Is AMZN A Worthy Earnings Trade?

 

In the October 1st issue of MarketTamer’s Seasonal Forecaster, I
focused on how to trade earnings announcements. A typically higher-risk,
lower-probability trade, it can work well if you really know your stock(s) and
trade only the ones that work well with straddles. Option straddle strategies
are bi-directional trades – the trade will end up profitable if the stock moves
a certain minimum amount within the lifespan of the options. You don’t have to
be right on the direction. The key phrase here is “if the stock
moves”.
Dropping in on various blogs, discussion groups, and webinars throughout the years, I’ve heard many stocks discussed as possible earnings release trades, and they were usually the most popular stocks.

While my interest has focused on higher probability trades, I do occasionally
consider straddle trades on earnings announcements if volatilities are down,
meaning the time values of the options comprising the straddles are lower and
therefore offering greater chances of success in the trades. Right now, the VIX
is at 14.33, pretty much the lowest level set in the past five years. There
shouldn’t be high premiums in call and put prices, so this may be a good time
to do this strategy.

However, not all popular stocks make good earnings plays, even when
volatilities are down. Let’s look at Amazon.com, symbol AMZN. On this chart
I’ve circled the last five earnings announcements. We see significant moves
after every one:

AMZN6.png

As I explained in the 10/1 newsletter, my research has shown that entering an
earnings release trade is optimum around 10 trading days before the
announcement. Often, there is a good pre-announcement move as many other
traders and institutions may be taking similar bets. From my research, I found
that most initial responses to the announcements are over within two trading
days, so that is the time period I use for backtesting. However, many trading
an earnings release for real would likely want to hang on to the trade,
especially if there was time left in the straddle options, to capture an
extended post-release move.

Focusing on Amazon’s most recent 29 announcements, and the reaction of the
stock during those periods, the results look like:

OVERALL1.png

Of the 29 periods, 23 of them produced moves greater than 5%. So AMZN must be
good for straddle trades on earnings, right?

What isn’t apparent in the above table is if there were large swings in the
value of the straddles through those time periods. To increase your odds of
success with straddles you do not want wide swings during the holding period.
Wide swings eliminates any chance of rational trade management, such as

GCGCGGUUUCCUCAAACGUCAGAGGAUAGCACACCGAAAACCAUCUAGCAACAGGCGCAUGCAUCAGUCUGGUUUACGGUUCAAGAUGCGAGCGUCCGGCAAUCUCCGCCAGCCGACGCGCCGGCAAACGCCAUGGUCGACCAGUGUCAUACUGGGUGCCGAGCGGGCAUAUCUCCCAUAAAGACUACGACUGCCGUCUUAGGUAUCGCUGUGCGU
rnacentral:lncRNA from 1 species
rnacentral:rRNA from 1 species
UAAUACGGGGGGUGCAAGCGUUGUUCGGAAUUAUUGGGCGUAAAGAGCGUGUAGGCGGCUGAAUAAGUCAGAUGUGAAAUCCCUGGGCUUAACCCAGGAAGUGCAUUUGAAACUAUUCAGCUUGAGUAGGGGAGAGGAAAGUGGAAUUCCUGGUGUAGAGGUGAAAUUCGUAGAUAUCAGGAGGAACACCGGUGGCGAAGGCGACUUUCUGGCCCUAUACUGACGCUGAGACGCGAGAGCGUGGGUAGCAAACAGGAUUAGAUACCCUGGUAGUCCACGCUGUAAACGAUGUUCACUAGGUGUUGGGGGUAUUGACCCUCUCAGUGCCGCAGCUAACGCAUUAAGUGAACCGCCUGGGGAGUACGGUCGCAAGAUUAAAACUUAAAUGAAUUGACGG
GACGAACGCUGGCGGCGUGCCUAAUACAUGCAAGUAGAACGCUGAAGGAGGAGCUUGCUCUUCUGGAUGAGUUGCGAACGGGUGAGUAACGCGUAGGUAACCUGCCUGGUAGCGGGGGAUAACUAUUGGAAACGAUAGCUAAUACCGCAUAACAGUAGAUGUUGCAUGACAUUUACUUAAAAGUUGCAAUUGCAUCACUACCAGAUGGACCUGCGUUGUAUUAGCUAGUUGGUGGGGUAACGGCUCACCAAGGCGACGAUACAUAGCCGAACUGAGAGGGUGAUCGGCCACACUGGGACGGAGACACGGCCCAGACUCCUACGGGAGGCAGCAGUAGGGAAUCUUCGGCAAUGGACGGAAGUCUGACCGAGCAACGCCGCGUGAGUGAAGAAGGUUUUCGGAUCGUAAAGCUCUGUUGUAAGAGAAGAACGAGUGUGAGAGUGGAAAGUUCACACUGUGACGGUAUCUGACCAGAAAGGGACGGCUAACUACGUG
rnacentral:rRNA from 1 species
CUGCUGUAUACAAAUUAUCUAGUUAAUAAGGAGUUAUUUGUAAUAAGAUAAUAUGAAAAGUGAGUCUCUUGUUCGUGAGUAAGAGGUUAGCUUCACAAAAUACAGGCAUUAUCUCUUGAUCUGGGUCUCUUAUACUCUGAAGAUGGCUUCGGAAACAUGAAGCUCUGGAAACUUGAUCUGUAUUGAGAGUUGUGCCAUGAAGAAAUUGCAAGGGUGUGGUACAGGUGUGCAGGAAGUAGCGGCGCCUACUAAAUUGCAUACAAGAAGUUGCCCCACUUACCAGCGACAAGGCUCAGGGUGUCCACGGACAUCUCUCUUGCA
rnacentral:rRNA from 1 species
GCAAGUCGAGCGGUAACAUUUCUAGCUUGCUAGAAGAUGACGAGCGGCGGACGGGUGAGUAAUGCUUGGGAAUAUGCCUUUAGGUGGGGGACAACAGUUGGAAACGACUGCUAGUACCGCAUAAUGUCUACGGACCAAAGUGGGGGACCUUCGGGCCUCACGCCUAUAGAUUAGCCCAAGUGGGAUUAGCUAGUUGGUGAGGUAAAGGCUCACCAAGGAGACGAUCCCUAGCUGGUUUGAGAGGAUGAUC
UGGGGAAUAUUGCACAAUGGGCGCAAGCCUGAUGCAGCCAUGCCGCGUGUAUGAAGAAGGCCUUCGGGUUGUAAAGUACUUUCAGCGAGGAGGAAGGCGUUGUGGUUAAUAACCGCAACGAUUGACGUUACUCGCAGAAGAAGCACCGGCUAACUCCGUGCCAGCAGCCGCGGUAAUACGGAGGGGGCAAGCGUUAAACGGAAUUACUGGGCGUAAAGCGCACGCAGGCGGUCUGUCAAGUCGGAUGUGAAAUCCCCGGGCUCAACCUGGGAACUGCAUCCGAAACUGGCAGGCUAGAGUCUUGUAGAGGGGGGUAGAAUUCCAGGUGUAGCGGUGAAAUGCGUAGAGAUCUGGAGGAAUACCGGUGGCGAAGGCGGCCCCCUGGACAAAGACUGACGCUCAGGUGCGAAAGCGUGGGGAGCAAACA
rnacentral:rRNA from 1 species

implementing stop-losses to minimize losses or trade adjustments to increase
the success rate of the trades.

Let’s see how the five most recent AMZN trades would have worked. I simulated
likely results using actual end-of-day option prices (on typically the
expiration month options following the release date). The results were:

July 26, 2012 release (After the Market Close) – entering ten trading days
before, the straddle was down 8.4% and as high as 17.4% prior to the
announcement. Afterwards, the straddle was down as much as 18.6% before ending
with a gain of 23.4% at August expiration.

April 26, 2012 release (AMC) – The May ATM straddle was down 12.6% prior to the
announcement. Within two days afterwards the straddle was up 117.8%!

January 31, 2012 release (AMC) – The February straddle was up as much as 25.2%
and down as much as 11.8% prior to the announcement. Right after the
announcement the straddle fell to -49.2% and continued from there to end down
87% at expiration.

October 25, 2011 release (AMC) – The November straddle was down as much as
19.2% before the announcement. The first day after, the straddle was up 24.1%,
but fell right after that. Ten days later the straddle was down 40.4%.

July 26, 2011 release (AMC) – The August straddle stayed within a tight range
prior to the announcement (down 4%, up 1%). Right after the announcement it
fell 19.7%, and within 5 days was down 31.83%. However, if you had a strong
stomach and held on for the ride, the straddle did close up 81% at expiration.

I’m not even sure how to grade these results – they would vary widely depending
on whether you use stop-losses, ‘time stops’ (exiting after a certain number of
days if your profit target wasn’t hit), and more. If you had looked at just the
price chart, whether daily or weekly, you likely would have a good impression
of AMZN. It is a good company and a good stock to trade. However, earnings
announcements trades on this stock may not be the best way to put your trading
balance to work

Of course, there’s much more you need to know and many more stocks you can
capitalize upon each and every day.  To find out more click here: www.markettamer.com/newsletters

By Gregg Harris, MarketTamer Chief Technical Strategist

Copyright (C) 2013 Stock & Options Training LLC

Unless indicated otherwise, at the time of this writing, the author has no positions in any of the above-mentioned securities.

Gregg Harris is the Chief Technical Strategist at MarketTamer.com with extensive experience in the financial sector.

Gregg started out as an Engineer and brings a rigorous thinking to his financial research. Gregg’s passion for finance resulted in the creation of a real-time quote system and his work has been featured nationally in publications, such as the Investment Guide magazine.

As an avid researcher, Gregg concentrates on leveraging what institutional and big money players are doing to move the market and create seasonal trend patterns. Using custom research tools, Gregg identifies stocks that are optimal for stock and options traders to exploit these trends and find the tailwinds that can propel stocks to levels that are hidden to the average trader.

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